Thinking in numbers, it would actually make more sense for Jerry to use a heavier weapon, like an axe (proportionally much more damage, no defence), than Tom (proportionally almost the same damage, no defence).
Also, if Jerry used a bastard-sword he would strike as fast as if using a short-sword or a dagger..
OK first point most melee weapons are actually not that heavy, the slow heavy weapon vs. the fast light one is a bit of a myth. (heavier/longer weapons may be more tiring to use quickly, but that can be shown by MinSt)

However IMO GURPS models this in two different ways

1) Weapons that are 0U and or become unready after use. Both of these rules stop you freely attacking and defending with those weapons at the same rate as others.

2). The reach mechanism that drastically effects what weapons are used when. Now this doesn't change who quickly they attack in theory, but it does effect how often they attack in practice

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iii) Shields don’t protect passively.
Playing Mount & Blade (the best medieval fighting simulator I know) I noticed that my shield blocked some arrows even if I wasn’t defending. Some times, when I was running (with shield down), my shield caught an arrow from an archer I didn’t even know was there. The same thing should happen if I had a shield strapped on my back. Playing as an archer, I realized that it was much harder to hit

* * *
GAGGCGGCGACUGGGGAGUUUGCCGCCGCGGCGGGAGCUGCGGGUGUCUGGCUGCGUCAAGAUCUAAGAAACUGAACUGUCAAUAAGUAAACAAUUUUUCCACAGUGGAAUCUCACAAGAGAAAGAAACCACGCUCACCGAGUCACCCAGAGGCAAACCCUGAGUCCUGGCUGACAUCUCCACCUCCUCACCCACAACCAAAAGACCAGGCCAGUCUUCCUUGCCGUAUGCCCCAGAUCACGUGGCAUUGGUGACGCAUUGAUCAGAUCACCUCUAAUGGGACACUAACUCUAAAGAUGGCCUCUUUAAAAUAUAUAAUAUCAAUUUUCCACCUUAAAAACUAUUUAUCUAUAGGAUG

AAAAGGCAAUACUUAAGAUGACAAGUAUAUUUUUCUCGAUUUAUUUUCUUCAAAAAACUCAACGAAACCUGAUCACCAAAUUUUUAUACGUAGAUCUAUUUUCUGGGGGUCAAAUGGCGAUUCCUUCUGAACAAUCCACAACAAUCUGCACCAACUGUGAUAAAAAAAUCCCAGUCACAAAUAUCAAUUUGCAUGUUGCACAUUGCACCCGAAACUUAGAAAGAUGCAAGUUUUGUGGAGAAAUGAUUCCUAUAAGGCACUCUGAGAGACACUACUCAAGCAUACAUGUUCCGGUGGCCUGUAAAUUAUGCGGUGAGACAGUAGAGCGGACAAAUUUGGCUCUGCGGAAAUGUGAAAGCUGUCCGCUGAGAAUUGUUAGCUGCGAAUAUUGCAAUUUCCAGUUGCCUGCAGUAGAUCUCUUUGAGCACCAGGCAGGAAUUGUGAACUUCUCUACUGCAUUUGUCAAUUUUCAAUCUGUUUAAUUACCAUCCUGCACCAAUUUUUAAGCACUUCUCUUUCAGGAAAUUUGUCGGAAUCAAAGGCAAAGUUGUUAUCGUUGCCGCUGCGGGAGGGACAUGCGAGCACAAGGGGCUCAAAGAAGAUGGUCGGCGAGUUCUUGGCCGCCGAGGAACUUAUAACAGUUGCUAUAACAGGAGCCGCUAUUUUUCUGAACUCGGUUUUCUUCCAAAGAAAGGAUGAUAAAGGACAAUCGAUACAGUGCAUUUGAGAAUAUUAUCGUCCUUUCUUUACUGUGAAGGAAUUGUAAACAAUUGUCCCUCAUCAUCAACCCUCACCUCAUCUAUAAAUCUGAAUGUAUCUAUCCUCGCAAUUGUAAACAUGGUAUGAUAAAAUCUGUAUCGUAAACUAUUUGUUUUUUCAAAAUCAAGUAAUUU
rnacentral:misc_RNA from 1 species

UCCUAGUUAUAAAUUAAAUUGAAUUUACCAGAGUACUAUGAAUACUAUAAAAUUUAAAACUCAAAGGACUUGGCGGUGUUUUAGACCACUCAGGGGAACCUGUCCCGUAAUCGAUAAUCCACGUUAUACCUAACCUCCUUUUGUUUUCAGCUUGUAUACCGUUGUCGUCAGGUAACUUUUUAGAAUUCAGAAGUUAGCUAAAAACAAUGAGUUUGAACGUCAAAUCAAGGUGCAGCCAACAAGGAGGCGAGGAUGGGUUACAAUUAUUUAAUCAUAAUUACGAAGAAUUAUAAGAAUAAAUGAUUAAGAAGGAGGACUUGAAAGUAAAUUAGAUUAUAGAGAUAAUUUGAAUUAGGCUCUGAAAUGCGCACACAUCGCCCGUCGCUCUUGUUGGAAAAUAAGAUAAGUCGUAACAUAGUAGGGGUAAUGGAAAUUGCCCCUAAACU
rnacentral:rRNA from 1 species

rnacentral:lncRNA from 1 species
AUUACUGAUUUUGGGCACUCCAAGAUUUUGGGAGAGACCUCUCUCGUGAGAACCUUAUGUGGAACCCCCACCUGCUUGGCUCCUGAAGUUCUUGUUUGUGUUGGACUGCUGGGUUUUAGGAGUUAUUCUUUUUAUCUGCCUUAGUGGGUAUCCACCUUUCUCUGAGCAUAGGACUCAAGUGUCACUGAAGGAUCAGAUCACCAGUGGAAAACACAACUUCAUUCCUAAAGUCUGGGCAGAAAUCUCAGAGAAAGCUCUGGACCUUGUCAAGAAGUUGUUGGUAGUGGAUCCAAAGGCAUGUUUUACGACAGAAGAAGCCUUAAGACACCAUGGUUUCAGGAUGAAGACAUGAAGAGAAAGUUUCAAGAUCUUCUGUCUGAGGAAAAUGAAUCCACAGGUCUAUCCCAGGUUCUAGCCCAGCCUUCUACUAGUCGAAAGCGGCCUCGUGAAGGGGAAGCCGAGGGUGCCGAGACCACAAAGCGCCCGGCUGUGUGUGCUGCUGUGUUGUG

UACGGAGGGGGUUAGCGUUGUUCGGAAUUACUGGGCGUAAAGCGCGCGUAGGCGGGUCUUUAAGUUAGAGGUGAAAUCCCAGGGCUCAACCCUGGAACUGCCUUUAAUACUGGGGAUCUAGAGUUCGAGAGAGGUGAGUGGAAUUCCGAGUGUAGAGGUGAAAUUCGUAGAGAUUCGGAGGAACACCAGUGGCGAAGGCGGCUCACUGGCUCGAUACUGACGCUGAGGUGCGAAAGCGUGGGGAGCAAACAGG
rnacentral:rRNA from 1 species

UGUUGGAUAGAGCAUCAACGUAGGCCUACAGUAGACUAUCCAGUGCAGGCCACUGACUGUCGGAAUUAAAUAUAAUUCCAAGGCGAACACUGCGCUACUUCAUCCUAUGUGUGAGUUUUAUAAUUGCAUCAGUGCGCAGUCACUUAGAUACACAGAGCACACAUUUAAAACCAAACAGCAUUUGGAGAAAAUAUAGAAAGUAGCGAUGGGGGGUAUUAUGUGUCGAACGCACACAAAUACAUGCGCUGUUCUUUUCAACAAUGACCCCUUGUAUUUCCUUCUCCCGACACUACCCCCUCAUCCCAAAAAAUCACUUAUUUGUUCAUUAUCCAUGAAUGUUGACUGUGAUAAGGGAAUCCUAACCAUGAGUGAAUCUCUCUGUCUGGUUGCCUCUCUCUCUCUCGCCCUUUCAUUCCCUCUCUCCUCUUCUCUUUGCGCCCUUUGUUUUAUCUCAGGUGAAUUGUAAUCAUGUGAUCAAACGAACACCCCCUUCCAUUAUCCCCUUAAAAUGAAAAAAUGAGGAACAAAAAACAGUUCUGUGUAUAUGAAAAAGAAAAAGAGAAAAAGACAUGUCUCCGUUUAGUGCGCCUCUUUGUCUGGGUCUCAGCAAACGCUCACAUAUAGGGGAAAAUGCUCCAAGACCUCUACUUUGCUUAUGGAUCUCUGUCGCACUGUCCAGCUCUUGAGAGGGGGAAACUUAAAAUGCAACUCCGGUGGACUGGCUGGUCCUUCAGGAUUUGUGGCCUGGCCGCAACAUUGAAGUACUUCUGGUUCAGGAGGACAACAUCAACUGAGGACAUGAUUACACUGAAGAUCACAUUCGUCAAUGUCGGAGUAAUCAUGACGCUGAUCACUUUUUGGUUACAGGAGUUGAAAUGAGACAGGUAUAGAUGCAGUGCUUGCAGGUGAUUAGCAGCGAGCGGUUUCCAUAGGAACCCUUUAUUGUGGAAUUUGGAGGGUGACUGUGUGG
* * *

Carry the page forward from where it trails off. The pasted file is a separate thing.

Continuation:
someone who had a shield (even if he didn’t saw me and wasn’t defending).

This rules may feel too much complicated at first, but I bet GURPS also seemed to much complicated as you started playing it. :P
The trick is to annotate everything on the character sheet (thus it only get tricky once).
I'd argue that since there DB extends to dodge and parry that's a kind of passive defence. as in it doesn't require a conscious use of the shield (even it if requires a concious effort to defend). But yep you could quickly work up some location cover for various shields.